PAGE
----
The Hunter

 

Along with the “select” few and some ticket owners, Yani and I watched The Hunter last week – a new Australian movie starring Willem Dafoe, Frances O’Connor and Sam Neill. The session was attended by the director, Daniel Nettheim and his brother, Matt Nettheim – the stills photographer in the movie. There was a Q&A session at the end of the movie which provided the audience the chance to know more about the story and the movie production.

The Hunter is sold as a psychological thriller and I came guarded as I thought I would be up for a psychologically manipulative storyline that would really suck me into the movie. Unfortunately watching The Hunter is almost like joining a conversation twenty minutes after it started – you miss the background of the story and you just have to go along with whatever is given. The story is predominantly about Martin David (Willem Dafoe) – a Canadian hunter posing as a university researcher.  He is commissioned to hunt the last Thylacine (Tasmanian Tiger) in Tasmania. Although officially extinct, there are suspicions that at least there is one Thylacine alive in a remote part of Tasmania.  He is asked to collect the DNA and blood sample by a secretive company called Red Leaf Corporation.  In an alien environment, surrounded by hostile loggers and suspicious greenies, he befriends a hippiesque scientist, Lucy (Frances O’Connor) along with her children, Sass and Bike. Their father went missing in the forest, also in search of the Thylacine. To reach the remote spot, Martin is assisted by a mysterious local, Jack Mindy (Sam Neill).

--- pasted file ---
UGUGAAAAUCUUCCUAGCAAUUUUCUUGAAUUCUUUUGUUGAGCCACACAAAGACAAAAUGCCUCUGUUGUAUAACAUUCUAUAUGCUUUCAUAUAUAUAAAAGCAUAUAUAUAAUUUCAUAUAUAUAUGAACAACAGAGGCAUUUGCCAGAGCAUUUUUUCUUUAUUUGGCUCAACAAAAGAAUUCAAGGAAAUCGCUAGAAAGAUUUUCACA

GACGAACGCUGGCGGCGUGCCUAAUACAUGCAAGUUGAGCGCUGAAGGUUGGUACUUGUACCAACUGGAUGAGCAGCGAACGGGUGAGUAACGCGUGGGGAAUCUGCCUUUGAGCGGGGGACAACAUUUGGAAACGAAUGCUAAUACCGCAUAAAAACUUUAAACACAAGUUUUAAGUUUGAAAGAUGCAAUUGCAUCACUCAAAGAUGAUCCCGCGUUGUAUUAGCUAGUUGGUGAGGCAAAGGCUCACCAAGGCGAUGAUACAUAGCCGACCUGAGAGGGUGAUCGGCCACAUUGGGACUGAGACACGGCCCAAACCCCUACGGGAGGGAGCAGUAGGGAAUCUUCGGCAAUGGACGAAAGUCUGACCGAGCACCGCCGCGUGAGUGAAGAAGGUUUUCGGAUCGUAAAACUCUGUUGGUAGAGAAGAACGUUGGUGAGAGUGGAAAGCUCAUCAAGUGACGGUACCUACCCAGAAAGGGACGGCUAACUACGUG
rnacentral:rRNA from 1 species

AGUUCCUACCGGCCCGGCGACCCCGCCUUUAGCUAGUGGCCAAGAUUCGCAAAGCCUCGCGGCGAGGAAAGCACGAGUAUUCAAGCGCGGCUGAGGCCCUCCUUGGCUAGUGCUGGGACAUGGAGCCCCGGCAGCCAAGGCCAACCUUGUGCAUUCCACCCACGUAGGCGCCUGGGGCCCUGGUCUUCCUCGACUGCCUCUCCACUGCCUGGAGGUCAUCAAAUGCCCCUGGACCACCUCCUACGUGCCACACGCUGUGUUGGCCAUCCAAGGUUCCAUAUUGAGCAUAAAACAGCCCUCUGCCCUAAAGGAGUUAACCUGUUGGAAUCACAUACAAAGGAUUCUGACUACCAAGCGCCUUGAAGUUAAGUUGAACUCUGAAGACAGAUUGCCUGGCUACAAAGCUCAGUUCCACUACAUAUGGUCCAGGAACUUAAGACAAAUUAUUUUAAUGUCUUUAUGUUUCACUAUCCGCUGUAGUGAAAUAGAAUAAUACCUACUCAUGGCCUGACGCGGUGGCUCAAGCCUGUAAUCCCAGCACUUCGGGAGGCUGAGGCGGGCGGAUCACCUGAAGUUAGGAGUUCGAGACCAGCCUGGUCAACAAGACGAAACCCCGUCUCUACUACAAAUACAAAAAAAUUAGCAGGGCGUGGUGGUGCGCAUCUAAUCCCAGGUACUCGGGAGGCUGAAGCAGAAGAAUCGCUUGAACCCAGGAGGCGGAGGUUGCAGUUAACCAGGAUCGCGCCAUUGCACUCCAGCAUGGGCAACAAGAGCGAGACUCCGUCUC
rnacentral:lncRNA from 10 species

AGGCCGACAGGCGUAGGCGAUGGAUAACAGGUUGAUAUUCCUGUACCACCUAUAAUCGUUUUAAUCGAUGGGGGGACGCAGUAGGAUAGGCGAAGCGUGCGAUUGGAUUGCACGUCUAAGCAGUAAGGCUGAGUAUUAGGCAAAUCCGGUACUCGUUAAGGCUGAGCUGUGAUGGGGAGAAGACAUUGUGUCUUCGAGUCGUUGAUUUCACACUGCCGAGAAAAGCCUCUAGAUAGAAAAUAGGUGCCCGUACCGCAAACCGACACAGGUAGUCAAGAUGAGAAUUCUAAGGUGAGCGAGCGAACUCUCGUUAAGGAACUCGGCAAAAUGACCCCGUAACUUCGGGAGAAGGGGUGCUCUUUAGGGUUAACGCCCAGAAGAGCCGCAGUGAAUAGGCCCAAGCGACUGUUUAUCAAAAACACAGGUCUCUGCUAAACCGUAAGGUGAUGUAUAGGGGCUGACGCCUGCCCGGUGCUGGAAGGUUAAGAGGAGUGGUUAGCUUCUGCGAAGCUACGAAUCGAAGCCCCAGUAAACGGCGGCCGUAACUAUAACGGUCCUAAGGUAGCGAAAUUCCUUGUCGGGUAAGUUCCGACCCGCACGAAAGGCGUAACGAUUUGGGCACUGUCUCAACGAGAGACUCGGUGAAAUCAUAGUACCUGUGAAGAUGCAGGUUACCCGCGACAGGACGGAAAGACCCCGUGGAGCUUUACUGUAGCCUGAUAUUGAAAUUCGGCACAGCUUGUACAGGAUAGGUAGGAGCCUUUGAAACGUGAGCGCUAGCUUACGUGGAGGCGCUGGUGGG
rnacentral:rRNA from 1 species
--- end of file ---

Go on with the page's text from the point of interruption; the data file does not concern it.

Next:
Although The Hunter sounds very alluring since it taps into the mystique of the Thylacines, the holes in the storyline make the movie less satisfactory. I haven’t read the book (authored by Julia Leigh) so I can’t comment whether it is much clearer in the original work. Who is Martin David? What kind of hunter or mercenary is he? It’s as if the filmmakers brushed questions like these aside and hoped that the audience would just take things as given. That said, The Hunter isn’t a bad movie at all – it just doesn’t reach the potential it could’ve had.

Dafoe is convincing as the stoic and mysterious Martin – although I am still unclear who he is and what kind of character he is. Sam Neill is under-utilised in the movie and so is Frances O’Connor. The children pretty much steal the show whenever they are on the screen – Sass (Morgana Davies) and Bike (Finn Woodlock) look so natural with their acting. In terms of direction, Daniel manages to capture the beauty and the ruggedness of Tasmanian terrains – the scenes where the rolling clouds hover above the forest are so beautiful. He also cleverly includes some songs which fit the tone of the movie perfectly – such as Bruce Springsteen’s “I’m on Fire” and Vivaldi’s “Gloria in Excelsis Deo”. However, not to be nitpicky, I find the movie score too heavy and too dramatic – you would know a danger is about to happen just by noticing the change in the cinematic score.

So there you go, I wish I liked the movie a lot more, but unfortunately it ends up like a rather tasteless meal. The ingredients are top-notch, it’s just that the cooking and presentation are under par.

 

 

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Published by fuzz

I've finally relented to the lures of blogging - and for those who care, well, I'm a self-confessed geek who's a wanderer at heart, who thinks and analyses too much, and who's trying hard to hold on to his 7-year old inner persona.

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